Analysis by BIS Oxford Economics, Australia’s leading economic and industry forecaster, predicts that Australia’s regional property market will continue its strong growth into 2023, despite government stimulus packages being withdrawn.
Their research suggests that despite incoming bumps to dwelling supply due to government stimulus money and changing consumer preferences, regional markets are expected to remain tight.
Data released by Domain showed regional areas have outperformed over the last 12 months, with the March quarter being the first time capital cities have trumped the regions in over a year.
BIS Oxford Economics said regional property sales have been the major benefactors of government stimulus money. However, with changes in consumer preferences and significant increment to purchasing power, regional areas are likely to continue to show strong signs of growth.
This is only going to be exacerbated by the fallout of the pandemic, which has seen preferences switch from cities to regional living.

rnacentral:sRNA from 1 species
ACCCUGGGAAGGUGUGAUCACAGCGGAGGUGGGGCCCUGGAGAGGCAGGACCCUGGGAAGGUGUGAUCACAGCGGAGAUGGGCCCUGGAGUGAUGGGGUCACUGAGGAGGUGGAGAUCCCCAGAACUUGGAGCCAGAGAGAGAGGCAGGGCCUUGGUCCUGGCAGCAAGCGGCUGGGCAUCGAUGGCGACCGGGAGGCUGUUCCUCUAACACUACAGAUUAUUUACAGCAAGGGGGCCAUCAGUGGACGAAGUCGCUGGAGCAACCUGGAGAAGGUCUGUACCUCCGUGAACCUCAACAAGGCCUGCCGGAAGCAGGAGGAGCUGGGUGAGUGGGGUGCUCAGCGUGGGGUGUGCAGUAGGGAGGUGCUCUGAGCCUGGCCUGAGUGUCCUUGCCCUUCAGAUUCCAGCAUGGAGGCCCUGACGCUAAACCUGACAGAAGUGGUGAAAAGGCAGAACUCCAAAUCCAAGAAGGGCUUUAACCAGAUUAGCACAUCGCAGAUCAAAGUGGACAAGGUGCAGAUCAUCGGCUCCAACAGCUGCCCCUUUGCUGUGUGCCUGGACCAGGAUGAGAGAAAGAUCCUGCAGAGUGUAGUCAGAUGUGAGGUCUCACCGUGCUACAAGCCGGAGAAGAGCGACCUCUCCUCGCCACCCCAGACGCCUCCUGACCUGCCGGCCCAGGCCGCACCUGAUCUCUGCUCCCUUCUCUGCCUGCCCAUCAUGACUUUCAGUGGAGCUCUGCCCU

“Retirement inflows from the major cities are expected to continue trending up and holiday home demand will remain robust so long as overseas holidays are off the table. A strengthening regional economy and favourable affordability will provide an accommodative backdrop over the near term,” BIS Oxford Economics stated.
However, even with the HomeBuilder stimulus package ending in FY2022, the fallback is expected to be modest, with regional areas predicted to continue growth again from FY2023.
Despite the weight of oncoming housing supply associated with the HomeBuilder program, we expect regional markets on average to remain undersupplied. This will provide fertile ground for a return to growth in regional dwelling construction post the FY2022 lull,” BIS Oxford economist Maree Kilroy said.
She noted the core fundamentals currently underpinning strong regional housing demand are expected to hold, both for commuter cities and more remote centres.
“The normalisation of working from home, strengthening economic conditions in regional Australia, and longevity in preference shifts are set to sustain higher net internal migration flows to regional Australia,” Ms Kilroy concluded.